There were a lot of naked male buttocks on prog-rock album covers at the tail end of the '70s — namely, Yes' Going for the One and Rush's Hemispheres. But it was all a coincidence.

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"I never made the connection," Hugh Syme, Rush's art director since 1975, tells UCR.

Instead, his vivid design for the power trio's proggiest record evolved from intimate conversations with drummer and lyricist Neil Peart — their regular routine by that point.

"A lot of [the discussion] was on the phone," he says, noting that Rush recorded their instrumental tracks at Rockfield Studios in Wales. "It was one of the more long-distance endeavors. Normally, if we were in Toronto, we'd hang out and talk about the cover. In the early stages, [bassist] Geddy [Lee] and I would also get together to talk. And then eventually Geddy and [guitarist] Alex [Lifeson] got too busy with the music. Neil was still in lyric-concept mode, so that became the default alliance, which worked well for 40-some years. But on that album, there was a lot of discussion about Dionysus and Apollo and the left-brain, right-brain [theory]. We have a calculating side of our nature, and we have a free-spirited [side]."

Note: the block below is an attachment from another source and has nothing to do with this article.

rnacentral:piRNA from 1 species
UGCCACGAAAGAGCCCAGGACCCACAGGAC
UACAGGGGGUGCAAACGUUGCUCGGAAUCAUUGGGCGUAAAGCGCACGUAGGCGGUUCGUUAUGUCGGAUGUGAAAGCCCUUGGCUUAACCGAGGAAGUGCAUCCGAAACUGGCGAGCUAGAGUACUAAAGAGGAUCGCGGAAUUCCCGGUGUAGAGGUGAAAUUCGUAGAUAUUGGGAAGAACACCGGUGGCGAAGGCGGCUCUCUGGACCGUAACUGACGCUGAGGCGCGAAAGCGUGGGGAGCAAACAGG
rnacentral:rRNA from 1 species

Syme was inspired by the suit-clad man on Belgian surrealist Rene Magritte's 1946 painting The Son of Man, and that figure folded perfectly into their conceptual framework. "[Peart] was a huge Magritte fan, too," he adds. "We discussed the [stoicism] of that man."

The final image features a distinguished fellow — played by Syme's longtime friend Bobby King — standing rigidly on one side of a brain, with a nude, elegant man on the other.

"We had this guy in a leotard, which just didn't suit rock 'n' roll," Syme says of the latter model, who'd been studying at the Toronto Ballet School. "But it was also a big gamble to say, 'Will anybody embrace a bare-assed guy on a cover?' It was a nod to the free spirit unshackled by clothing and that sort of thing. That became the device for creating contrast."

Syme had previously employed one of the Hemispheres models for a nude Rush pose — ironically, though, it wasn't the ballet student.

"Bobby was also the willing bare-assed character for the Starman [on 2112]," Syme says. "He came back to be the Magritte character. He showed up again in the wings of Exit … Stage Left, and he was also the prime mover — no pun intended — for the Moving Pictures cover. I made good use of his good will … and his cheap modeling fees."

Mercury

 

 

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